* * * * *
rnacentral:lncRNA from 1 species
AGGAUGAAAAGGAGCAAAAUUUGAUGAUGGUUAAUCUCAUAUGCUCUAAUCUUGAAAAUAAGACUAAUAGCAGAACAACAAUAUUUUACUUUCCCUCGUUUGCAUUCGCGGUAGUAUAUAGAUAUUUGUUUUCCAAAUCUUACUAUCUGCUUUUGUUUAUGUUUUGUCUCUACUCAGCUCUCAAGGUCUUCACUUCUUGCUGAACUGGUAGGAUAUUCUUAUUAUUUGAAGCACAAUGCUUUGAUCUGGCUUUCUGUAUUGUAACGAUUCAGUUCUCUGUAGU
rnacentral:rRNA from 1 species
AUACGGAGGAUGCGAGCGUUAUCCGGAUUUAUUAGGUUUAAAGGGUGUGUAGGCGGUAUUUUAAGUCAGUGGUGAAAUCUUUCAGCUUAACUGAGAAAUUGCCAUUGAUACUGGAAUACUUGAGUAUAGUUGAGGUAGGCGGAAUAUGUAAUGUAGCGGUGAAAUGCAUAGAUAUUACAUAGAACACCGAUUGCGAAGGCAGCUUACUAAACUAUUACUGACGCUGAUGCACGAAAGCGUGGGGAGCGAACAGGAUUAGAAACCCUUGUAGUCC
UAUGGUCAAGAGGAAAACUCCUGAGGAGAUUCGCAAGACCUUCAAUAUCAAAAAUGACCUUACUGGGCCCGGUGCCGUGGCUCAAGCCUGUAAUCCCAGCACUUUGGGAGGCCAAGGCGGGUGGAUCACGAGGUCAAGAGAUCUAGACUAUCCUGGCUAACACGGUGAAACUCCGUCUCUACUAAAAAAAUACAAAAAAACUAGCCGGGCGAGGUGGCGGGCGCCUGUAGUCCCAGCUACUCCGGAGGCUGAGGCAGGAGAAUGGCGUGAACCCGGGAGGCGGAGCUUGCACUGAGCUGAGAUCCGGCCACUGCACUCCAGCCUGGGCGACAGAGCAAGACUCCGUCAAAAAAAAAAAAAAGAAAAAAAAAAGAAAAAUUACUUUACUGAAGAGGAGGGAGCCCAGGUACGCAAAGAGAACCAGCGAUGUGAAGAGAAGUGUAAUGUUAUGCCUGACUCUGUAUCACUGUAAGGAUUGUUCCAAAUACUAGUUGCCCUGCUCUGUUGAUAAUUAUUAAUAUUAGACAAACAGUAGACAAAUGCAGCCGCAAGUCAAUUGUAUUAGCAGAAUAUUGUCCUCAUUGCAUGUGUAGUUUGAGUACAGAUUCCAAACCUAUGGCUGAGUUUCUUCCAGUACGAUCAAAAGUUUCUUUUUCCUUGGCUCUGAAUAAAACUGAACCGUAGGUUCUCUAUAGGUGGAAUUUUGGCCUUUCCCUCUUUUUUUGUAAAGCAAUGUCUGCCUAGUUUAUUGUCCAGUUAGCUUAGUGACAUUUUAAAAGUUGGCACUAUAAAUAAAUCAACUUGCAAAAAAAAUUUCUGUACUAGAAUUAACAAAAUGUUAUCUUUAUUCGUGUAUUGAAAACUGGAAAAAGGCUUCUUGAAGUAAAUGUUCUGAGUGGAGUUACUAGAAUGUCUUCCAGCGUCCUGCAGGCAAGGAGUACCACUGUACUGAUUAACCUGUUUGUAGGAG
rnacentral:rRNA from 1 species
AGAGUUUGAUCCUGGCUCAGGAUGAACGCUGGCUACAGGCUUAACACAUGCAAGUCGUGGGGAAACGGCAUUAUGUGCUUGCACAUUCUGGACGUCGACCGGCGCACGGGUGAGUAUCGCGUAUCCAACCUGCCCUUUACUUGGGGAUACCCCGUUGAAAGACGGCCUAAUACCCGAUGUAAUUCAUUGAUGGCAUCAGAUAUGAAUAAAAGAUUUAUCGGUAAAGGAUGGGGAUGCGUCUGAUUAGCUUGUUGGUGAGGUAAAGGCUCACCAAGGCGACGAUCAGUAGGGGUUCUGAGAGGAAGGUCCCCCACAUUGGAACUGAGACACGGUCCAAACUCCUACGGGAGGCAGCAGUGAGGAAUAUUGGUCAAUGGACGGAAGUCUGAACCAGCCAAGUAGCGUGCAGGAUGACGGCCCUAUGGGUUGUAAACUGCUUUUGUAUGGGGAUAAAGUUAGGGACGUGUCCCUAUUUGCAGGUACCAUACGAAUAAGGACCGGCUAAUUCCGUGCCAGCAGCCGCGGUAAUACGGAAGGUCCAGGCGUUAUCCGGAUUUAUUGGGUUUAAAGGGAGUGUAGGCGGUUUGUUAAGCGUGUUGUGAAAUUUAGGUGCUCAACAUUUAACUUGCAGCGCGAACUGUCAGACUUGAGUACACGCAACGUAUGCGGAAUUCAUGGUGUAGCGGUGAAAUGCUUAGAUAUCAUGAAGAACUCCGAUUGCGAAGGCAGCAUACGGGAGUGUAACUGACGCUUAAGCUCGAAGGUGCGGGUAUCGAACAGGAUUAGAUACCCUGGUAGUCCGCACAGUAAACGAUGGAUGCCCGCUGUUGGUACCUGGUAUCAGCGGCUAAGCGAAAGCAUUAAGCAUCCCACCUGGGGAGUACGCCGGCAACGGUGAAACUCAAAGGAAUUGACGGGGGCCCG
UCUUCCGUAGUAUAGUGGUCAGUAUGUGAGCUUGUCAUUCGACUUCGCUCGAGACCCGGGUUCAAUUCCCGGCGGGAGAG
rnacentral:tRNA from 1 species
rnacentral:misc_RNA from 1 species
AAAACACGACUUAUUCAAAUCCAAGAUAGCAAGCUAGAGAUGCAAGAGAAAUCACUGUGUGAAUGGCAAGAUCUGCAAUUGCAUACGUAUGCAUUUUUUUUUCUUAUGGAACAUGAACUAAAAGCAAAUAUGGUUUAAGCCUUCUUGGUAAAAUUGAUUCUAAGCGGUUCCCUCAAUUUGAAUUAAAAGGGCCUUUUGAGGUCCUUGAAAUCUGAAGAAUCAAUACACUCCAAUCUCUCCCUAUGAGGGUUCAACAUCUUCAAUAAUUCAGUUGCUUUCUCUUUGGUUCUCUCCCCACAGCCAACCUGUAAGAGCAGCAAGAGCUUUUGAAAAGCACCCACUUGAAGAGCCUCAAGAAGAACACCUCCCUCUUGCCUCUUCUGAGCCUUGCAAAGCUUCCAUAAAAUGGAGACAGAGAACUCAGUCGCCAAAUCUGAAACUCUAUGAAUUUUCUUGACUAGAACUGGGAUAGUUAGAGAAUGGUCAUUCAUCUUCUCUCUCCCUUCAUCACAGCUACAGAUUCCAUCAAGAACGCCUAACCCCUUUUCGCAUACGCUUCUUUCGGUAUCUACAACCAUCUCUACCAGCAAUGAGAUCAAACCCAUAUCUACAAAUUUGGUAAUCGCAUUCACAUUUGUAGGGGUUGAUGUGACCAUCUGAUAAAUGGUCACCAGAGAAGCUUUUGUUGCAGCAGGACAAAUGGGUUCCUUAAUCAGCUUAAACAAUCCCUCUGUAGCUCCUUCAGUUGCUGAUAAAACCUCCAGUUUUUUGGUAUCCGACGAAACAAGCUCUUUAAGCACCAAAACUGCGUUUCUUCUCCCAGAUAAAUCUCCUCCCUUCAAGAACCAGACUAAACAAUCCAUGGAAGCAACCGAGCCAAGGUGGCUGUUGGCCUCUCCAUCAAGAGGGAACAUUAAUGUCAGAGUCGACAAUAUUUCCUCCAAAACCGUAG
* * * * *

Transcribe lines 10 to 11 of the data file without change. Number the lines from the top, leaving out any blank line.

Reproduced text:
rnacentral:misc_RNA from 1 species
AAAACACGACUUAUUCAAAUCCAAGAUAGCAAGCUAGAGAUGCAAGAGAAAUCACUGUGUGAAUGGCAAGAUCUGCAAUUGCAUACGUAUGCAUUUUUUUUUCUUAUGGAACAUGAACUAAAAGCAAAUAUGGUUUAAGCCUUCUUGGUAAAAUUGAUUCUAAGCGGUUCCCUCAAUUUGAAUUAAAAGGGCCUUUUGAGGUCCUUGAAAUCUGAAGAAUCAAUACACUCCAAUCUCUCCCUAUGAGGGUUCAACAUCUUCAAUAAUUCAGUUGCUUUCUCUUUGGUUCUCUCCCCACAGCCAACCUGUAAGAGCAGCAAGAGCUUUUGAAAAGCACCCACUUGAAGAGCCUCAAGAAGAACACCUCCCUCUUGCCUCUUCUGAGCCUUGCAAAGCUUCCAUAAAAUGGAGACAGAGAACUCAGUCGCCAAAUCUGAAACUCUAUGAAUUUUCUUGACUAGAACUGGGAUAGUUAGAGAAUGGUCAUUCAUCUUCUCUCUCCCUUCAUCACAGCUACAGAUUCCAUCAAGAACGCCUAACCCCUUUUCGCAUACGCUUCUUUCGGUAUCUACAACCAUCUCUACCAGCAAUGAGAUCAAACCCAUAUCUACAAAUUUGGUAAUCGCAUUCACAUUUGUAGGGGUUGAUGUGACCAUCUGAUAAAUGGUCACCAGAGAAGCUUUUGUUGCAGCAGGACAAAUGGGUUCCUUAAUCAGCUUAAACAAUCCCUCUGUAGCUCCUUCAGUUGCUGAUAAAACCUCCAGUUUUUUGGUAUCCGACGAAACAAGCUCUUUAAGCACCAAAACUGCGUUUCUUCUCCCAGAUAAAUCUCCUCCCUUCAAGAACCAGACUAAACAAUCCAUGGAAGCAACCGAGCCAAGGUGGCUGUUGGCCUCUCCAUCAAGAGGGAACAUUAAUGUCAGAGUCGACAAUAUUUCCUCCAAAACCGUAG